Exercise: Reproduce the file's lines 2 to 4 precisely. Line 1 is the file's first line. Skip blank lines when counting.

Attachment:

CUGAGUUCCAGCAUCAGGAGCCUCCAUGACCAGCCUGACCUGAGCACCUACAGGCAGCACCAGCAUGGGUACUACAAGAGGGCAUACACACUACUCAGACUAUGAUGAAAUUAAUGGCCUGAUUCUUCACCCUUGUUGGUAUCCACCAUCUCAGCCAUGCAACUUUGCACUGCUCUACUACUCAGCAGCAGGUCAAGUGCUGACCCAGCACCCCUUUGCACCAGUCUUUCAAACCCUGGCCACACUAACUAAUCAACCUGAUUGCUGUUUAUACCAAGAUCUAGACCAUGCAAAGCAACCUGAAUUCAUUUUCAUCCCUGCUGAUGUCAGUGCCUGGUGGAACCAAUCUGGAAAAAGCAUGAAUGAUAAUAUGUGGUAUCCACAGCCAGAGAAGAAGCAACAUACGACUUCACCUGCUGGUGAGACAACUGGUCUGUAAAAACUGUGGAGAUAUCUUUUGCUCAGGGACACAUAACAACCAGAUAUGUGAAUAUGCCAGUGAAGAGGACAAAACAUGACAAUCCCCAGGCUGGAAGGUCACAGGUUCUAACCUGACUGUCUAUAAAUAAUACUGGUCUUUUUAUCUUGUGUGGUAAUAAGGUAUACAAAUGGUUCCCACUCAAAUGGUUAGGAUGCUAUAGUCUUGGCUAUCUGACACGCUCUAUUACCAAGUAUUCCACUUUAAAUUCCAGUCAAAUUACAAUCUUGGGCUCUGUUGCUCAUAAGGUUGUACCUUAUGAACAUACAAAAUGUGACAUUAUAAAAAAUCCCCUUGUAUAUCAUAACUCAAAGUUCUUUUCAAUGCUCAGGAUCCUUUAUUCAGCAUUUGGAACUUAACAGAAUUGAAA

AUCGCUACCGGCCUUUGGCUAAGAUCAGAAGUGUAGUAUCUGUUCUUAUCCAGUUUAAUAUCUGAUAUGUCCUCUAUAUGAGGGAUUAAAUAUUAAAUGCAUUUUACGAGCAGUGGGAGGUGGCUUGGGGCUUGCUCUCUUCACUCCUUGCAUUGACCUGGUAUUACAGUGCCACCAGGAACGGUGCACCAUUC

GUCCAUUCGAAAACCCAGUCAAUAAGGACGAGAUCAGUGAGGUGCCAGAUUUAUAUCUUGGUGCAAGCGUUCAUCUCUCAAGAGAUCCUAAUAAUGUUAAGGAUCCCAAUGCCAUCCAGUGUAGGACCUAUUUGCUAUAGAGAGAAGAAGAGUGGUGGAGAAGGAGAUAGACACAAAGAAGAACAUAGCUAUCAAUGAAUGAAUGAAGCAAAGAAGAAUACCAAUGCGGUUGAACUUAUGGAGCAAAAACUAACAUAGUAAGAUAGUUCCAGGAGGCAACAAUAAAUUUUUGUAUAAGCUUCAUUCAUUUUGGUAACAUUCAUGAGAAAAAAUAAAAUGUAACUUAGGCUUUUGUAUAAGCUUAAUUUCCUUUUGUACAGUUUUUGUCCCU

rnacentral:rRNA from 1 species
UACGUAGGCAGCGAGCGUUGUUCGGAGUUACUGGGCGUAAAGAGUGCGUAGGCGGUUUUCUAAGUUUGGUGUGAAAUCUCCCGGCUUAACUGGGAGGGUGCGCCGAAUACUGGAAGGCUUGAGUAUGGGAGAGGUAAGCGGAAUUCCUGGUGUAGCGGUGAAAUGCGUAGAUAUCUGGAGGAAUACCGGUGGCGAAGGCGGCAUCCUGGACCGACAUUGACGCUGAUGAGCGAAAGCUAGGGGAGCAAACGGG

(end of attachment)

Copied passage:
AUCGCUACCGGCCUUUGGCUAAGAUCAGAAGUGUAGUAUCUGUUCUUAUCCAGUUUAAUAUCUGAUAUGUCCUCUAUAUGAGGGAUUAAAUAUUAAAUGCAUUUUACGAGCAGUGGGAGGUGGCUUGGGGCUUGCUCUCUUCACUCCUUGCAUUGACCUGGUAUUACAGUGCCACCAGGAACGGUGCACCAUUC

GUCCAUUCGAAAACCCAGUCAAUAAGGACGAGAUCAGUGAGGUGCCAGAUUUAUAUCUUGGUGCAAGCGUUCAUCUCUCAAGAGAUCCUAAUAAUGUUAAGGAUCCCAAUGCCAUCCAGUGUAGGACCUAUUUGCUAUAGAGAGAAGAAGAGUGGUGGAGAAGGAGAUAGACACAAAGAAGAACAUAGCUAUCAAUGAAUGAAUGAAGCAAAGAAGAAUACCAAUGCGGUUGAACUUAUGGAGCAAAAACUAACAUAGUAAGAUAGUUCCAGGAGGCAACAAUAAAUUUUUGUAUAAGCUUCAUUCAUUUUGGUAACAUUCAUGAGAAAAAAUAAAAUGUAACUUAGGCUUUUGUAUAAGCUUAAUUUCCUUUUGUACAGUUUUUGUCCCU

rnacentral:rRNA from 1 species